Thailand’s Special Economic Zone policy is intended to contribute to the economic of the less developed border regions to improve the livelihoods of their citizens. However, the process of the acquisition and development of the public land acquired for SEZs in Thailand has been shown to be controversial with a broad range of conflicts occurring between local people and authorities over their implementation. Decision-making mechanisms about SEZs in Thailand have been criticized for not allowing sufficient opportunities for local people to participate. It has been suggested that this results in increased social and environmental impacts and developments which do not meet local needs.
The SEZ policy aims to identify underutilized public land resources, such as degraded forests or informal residential areas and use incentives to attract investors willing to develop them. Once identified, these areas are designated as state-owned land, enabling the Treasury Department to issue new land ownership documents for approved uses to other government agencies or the Industrial Estate Authority of Thailand or the private sector to improve socio-economic outcomes.1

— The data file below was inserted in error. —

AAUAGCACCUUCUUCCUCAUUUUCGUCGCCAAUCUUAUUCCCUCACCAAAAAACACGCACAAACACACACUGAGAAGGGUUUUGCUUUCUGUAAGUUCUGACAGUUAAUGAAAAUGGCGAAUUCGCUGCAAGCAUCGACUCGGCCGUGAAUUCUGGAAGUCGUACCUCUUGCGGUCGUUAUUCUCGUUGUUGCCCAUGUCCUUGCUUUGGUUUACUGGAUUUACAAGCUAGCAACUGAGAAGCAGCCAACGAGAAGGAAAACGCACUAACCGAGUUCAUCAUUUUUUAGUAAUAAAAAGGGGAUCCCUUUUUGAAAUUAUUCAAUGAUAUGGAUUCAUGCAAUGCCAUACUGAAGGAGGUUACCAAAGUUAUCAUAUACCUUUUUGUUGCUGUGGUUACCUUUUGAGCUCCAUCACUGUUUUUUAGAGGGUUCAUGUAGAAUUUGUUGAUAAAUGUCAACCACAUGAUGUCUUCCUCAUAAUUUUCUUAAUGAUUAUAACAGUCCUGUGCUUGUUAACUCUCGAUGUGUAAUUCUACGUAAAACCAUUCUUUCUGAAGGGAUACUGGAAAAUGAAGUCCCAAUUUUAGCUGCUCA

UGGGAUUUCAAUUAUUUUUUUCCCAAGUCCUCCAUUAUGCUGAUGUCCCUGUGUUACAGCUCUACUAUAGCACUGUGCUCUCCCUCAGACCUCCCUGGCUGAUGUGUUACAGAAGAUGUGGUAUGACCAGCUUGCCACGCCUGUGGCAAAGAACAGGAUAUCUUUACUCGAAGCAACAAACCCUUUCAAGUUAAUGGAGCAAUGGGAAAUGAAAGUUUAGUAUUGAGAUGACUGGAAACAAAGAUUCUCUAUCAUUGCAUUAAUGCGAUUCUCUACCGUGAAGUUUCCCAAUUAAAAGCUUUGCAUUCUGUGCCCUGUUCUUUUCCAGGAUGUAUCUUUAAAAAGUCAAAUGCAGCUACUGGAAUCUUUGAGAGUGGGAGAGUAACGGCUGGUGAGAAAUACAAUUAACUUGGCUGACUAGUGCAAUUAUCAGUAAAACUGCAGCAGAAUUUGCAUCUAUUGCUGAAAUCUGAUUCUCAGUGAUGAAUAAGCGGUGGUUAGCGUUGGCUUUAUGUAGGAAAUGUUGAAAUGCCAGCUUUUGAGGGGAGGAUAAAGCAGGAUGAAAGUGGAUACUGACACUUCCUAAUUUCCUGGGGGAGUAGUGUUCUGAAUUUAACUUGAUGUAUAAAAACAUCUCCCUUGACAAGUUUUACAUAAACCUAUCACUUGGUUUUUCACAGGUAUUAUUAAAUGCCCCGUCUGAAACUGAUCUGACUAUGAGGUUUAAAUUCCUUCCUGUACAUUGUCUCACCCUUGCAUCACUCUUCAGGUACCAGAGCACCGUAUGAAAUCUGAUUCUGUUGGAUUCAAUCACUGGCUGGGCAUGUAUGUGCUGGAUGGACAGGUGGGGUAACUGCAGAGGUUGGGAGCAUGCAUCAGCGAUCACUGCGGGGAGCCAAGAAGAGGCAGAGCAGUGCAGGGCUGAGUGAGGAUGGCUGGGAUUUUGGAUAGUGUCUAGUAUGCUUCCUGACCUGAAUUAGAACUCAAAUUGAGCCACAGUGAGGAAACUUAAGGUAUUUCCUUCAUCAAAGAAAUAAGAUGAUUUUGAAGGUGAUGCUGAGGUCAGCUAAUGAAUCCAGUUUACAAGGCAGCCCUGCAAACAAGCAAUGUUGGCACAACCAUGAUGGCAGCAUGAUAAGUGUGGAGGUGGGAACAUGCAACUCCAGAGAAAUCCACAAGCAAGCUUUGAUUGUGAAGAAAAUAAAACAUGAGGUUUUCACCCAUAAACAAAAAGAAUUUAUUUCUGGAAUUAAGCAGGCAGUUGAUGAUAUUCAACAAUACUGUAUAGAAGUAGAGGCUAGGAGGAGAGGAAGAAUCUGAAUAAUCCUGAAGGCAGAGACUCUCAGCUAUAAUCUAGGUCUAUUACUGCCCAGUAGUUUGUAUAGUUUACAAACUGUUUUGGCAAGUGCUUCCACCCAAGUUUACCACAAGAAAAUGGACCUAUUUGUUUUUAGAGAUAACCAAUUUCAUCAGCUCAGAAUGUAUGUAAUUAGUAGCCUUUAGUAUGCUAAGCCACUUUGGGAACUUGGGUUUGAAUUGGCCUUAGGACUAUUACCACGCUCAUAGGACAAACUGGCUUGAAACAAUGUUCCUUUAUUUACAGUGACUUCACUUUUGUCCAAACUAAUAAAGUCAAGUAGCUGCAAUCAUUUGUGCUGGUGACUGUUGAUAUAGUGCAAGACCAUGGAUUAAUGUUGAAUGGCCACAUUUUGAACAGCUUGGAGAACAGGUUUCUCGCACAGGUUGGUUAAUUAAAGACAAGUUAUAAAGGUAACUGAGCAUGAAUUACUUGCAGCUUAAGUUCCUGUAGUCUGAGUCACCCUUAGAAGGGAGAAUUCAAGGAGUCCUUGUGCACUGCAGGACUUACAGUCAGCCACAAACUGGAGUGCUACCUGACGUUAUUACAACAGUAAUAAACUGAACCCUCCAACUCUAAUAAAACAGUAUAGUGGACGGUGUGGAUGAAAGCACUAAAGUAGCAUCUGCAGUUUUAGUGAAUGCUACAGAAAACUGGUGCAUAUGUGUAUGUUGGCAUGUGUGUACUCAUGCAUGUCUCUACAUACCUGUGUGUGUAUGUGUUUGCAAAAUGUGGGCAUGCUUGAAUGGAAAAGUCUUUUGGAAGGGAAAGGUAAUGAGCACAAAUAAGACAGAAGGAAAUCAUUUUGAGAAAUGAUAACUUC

This land is then allocated by government agencies to investors, balancing these incentives with a range of specific negotiated conditions about the nature of economic development in the zones and the expected public benefit. However, the experience in Thailand suggests that these negotiations have often failed to reach consensus with local people, resulting in conflicts that limit the social, economic and environmental sustainability of these zones.
This increases the risk of project delays and the intended benefits related to the SEZs being transferred to other regions. SEZ projects in Thailand have been known to push land prices in the regions based on speculation. This can act to limit the opportunities for local ownership of the initiatives.